Should you ever hear The Ride of the Valkyries booming from speakers in Lawrence, Topeka and even Kansas City, be warned. Remember the scene in Apocalypse Now when a squadron of helicopters swept in with loud speakers booming out Wagner’s classical wonder? With Robert Duvall in command, the fiery search and destroy mission allowed a soldier in Duvall’s squadron to surf waves breaking along the Vietnam shore.
We now have our own brigade of Volkswagens zooming along the streets each with The Ride of the Valkyries ready to boom from our speakers. Our journey to the point we can park three new VW’s side-by-side is an interesting one that includes no love for the “smell of napalm in the morning.”
When Laura and I married in 2001, I was driving a BMW 528i Sport model. As much as I loved that car, it became clear we needed to find something economical. The BMW was sold, and a used 1995 Honda Civic became Laura’s ride. I took over her old Ford Explorer that I soon grew to dislike. I felt completely detached sitting so high in the Explorer.
In 2005, we traded the Ford for a Subaru Outback and followed that with another used Honda Civic, this time a 1999 two-door coupe I drove for work. We wanted to preserve the Subaru for big road trips and snowy weather. The two Honda’s were cheap to keep running. The Subaru carried our gear for many great vacation and work trips. Combined we began to rack up massive miles on each. The odometer readings on our cars alerted us this spring that changes needed to be made. Laura’s Honda climbed to 240,000 miles and my Honda to nearly 270,000 mile.
We took the Subaru, with 140,000 miles, to our mechanic to evaluate. His words were blunt, “My advice is trade it now!” There was an exclamation in his voice. He foresaw costly parts replacement on the horizon. We began our search. We sought a good used Honda Element, a very unique vehicle no longer made, that would have allowed me to drive lower to the ground and haul our bikes, camping supplies and camera gear with room for our two grandsons. The now popular cult car limited our choices to either overpriced newer models or older models with just as many miles as our Subaru.
On a rainy Sunday afternoon in April, we stood in the local Subaru lot looking at new models. We then crossed the street to look at Volkswagens because their Golf SportWagen seemed perfect for our work and pleasure needs. We could not believe the drastically marked-down price. It was so low we felt sure it was a mistake. Two days later, we bought not only the SportWagen but added a four-door Golf for Laura at prices combined were only slightly higher than a new Subaru model across the street.
Volkswagen is taking a monstrous financial beating over problems with their once highly acclaimed, clean diesel engines that proved to be sadly unclean. Plummeting sales forced Volkswagen to invest large sums of money into each dealership to ignite sales of their still outstanding gas models. As our sales rep, Hearne Christopher, told us, “You rode on the cusp of Haley’s Comet as it streaked across the sky.”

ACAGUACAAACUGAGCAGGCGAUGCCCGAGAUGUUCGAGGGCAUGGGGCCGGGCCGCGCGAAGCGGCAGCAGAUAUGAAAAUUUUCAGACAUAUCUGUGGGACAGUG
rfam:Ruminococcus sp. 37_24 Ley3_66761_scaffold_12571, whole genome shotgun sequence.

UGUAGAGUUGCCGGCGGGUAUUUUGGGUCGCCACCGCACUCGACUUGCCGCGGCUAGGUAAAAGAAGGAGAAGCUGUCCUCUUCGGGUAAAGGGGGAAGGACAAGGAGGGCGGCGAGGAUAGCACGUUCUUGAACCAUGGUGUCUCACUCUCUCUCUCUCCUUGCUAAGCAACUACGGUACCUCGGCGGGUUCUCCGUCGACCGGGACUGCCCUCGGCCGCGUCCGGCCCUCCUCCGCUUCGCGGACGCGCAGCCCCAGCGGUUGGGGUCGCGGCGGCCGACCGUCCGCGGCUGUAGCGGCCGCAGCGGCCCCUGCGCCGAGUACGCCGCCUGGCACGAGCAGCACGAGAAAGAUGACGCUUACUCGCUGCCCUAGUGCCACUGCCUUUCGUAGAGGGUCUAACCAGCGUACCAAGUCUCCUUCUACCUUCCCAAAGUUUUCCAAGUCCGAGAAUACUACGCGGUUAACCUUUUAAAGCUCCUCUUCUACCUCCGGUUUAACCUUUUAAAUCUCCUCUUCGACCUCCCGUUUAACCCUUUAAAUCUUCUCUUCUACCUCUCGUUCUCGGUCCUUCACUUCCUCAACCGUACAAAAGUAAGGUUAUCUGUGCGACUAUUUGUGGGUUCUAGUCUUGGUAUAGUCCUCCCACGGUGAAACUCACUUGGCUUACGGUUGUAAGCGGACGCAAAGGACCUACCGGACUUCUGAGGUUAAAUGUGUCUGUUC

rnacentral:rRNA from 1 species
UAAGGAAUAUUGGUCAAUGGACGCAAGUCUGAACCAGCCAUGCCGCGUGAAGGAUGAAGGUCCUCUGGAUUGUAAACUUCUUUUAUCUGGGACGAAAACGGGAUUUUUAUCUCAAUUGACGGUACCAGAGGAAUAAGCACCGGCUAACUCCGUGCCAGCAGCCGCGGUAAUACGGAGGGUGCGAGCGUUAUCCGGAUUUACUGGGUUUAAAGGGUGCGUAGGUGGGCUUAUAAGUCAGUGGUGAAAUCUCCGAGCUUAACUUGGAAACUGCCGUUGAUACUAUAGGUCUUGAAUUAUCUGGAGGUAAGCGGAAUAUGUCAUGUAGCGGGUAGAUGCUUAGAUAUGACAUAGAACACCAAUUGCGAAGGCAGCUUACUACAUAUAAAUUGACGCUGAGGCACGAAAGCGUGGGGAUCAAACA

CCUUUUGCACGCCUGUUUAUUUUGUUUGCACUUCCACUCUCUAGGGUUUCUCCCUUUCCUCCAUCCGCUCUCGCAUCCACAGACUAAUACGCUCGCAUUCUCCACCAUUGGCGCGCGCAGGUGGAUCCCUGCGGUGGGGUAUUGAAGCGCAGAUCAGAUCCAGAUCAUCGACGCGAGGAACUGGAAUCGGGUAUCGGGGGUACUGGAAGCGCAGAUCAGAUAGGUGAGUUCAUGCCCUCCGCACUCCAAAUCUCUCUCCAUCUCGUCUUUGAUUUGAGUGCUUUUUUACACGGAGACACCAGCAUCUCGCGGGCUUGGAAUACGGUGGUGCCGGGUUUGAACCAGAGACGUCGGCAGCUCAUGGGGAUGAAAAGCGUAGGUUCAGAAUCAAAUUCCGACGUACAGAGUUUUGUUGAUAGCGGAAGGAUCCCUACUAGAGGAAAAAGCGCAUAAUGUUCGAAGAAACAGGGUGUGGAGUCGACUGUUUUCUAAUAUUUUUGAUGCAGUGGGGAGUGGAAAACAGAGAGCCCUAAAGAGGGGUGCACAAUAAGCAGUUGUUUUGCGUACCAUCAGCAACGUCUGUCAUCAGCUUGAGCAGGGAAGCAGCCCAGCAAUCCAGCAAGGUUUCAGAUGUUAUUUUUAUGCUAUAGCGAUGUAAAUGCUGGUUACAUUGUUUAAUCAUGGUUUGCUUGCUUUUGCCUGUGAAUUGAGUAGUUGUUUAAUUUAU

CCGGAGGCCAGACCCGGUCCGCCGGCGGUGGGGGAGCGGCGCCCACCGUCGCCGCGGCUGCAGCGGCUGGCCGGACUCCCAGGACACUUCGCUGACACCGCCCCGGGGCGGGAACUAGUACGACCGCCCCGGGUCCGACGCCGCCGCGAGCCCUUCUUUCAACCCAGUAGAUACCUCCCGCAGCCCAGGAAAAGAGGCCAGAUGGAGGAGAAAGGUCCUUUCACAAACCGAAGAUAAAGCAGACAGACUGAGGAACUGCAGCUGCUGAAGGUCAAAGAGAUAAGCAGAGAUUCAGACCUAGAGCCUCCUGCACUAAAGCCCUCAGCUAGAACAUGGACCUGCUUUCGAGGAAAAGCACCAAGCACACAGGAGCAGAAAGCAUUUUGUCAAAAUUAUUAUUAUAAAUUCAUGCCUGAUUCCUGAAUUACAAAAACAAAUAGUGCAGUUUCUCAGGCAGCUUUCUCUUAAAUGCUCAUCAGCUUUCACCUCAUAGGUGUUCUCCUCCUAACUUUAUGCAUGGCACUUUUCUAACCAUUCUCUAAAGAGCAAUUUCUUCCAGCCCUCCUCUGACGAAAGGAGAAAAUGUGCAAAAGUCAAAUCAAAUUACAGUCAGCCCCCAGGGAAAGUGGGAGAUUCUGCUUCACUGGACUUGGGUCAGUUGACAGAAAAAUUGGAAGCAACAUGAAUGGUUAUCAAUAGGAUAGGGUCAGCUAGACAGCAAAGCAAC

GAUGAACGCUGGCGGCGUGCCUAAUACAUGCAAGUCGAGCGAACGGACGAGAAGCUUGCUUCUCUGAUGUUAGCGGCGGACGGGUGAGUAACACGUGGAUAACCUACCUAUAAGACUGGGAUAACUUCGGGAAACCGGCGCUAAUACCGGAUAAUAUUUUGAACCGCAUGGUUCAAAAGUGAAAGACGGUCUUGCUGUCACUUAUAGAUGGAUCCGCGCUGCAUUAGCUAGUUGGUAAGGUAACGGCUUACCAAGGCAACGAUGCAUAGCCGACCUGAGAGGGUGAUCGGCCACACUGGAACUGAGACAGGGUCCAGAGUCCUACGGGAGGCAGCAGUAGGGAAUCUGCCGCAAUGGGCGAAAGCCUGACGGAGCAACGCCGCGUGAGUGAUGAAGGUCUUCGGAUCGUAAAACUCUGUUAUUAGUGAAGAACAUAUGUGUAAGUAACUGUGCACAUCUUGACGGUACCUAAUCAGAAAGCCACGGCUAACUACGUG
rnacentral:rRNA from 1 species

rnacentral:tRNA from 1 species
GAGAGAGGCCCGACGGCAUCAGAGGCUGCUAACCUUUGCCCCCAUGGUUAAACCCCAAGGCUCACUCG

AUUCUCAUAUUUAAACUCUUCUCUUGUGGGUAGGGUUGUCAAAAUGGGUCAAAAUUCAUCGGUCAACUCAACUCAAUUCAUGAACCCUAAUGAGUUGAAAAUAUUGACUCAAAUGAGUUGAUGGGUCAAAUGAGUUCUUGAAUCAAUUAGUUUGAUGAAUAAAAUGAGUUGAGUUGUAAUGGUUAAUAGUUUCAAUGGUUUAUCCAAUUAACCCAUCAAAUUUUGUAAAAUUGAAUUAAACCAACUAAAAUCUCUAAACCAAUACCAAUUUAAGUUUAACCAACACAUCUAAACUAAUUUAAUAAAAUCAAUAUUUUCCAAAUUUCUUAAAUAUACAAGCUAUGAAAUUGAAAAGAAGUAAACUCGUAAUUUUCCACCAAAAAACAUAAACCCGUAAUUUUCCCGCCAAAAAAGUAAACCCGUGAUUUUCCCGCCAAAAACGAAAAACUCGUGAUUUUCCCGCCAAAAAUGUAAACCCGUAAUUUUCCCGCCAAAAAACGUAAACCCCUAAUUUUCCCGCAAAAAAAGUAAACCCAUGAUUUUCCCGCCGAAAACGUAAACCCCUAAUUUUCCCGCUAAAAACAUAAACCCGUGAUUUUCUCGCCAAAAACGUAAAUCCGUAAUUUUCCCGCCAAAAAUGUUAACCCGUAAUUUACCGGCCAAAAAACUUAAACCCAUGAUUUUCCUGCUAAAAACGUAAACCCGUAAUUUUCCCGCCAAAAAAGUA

Our trade-in for the Subaru exceeded our hopes to the point Laura nearly fell out of her chair when she saw the figure. I had to turn my head to keep from laughing with joy. With a sweet bike rack thrown in for the Wagen, we drove off in two new cars.
Our pastor bought Laura’s Honda for his high school daughter. Our big selling point was the fact the old car could no longer accelerate fast enough to get his daughter into trouble. We both hated to turn over the keys of our old friend. We hope it will live on for years.
My old Honda stays with us. Always treated as a beater, it carries Rocket on his beloved road trips, hauls bikes, kayaks and SUP, sometimes all at once. Dents here or there do not matter. Reaching 300,000 is the next milestone. That Honda might well outlive me.
Meanwhile, we seem like kids with our first cars. With true Germanic tightness, we cruise along quietly enjoying technological features we have never experienced. Thanks to satellite radio, Laura commands an array of country stations. I can toggle back and forth between vinyl classics from late 60’s and early 70’s and the latest from the alternative rock station. We both listen to New York Yankees baseball. Fall will offer Laura Oklahoma football and Nebraska football for me.
With our first road trip to the Great Sand Dunes National Park and the San Luis Valley of South Central Colorado completed, our Wagen hauled our bikes and camping gear 1,015 miles averaging over 30 mpg. We could not be happier.
The two new cars impressed Kelly so much that weeks later she struck her own deal with a dealership in Lawrence. That leaves the likely question as to why the cars are all white.
My uncle John Pflug remains a true car guy into his 90’s in Lincoln, Nebraska. For all of my youth, his latest Pontiac was always white. I grew to love white cars. Until we bought the Subaru and the 1999 Honda, both in black, I never owned a car that was not white. One look at the brilliant white Volkswagen was all I needed to buy my fourth white VW.
Laura looked at the different colors available. She quickly came back to a white Golf sitting right next to the SportWagen. Kelly’s list of interesting cars initially did not include a Volkswagen, but that changed after one test drive. As for the color, she never considered anything other than white. She is my daughter.
In Scandinavian Mythology, the Valkyries were the “choosers of the slain.” They carried honorable slain warriors from the battlefield to Valhalla. The three of us now agree, a gleaming white Volkswagen would be the perfect vehicle for that final ride to Valhalla.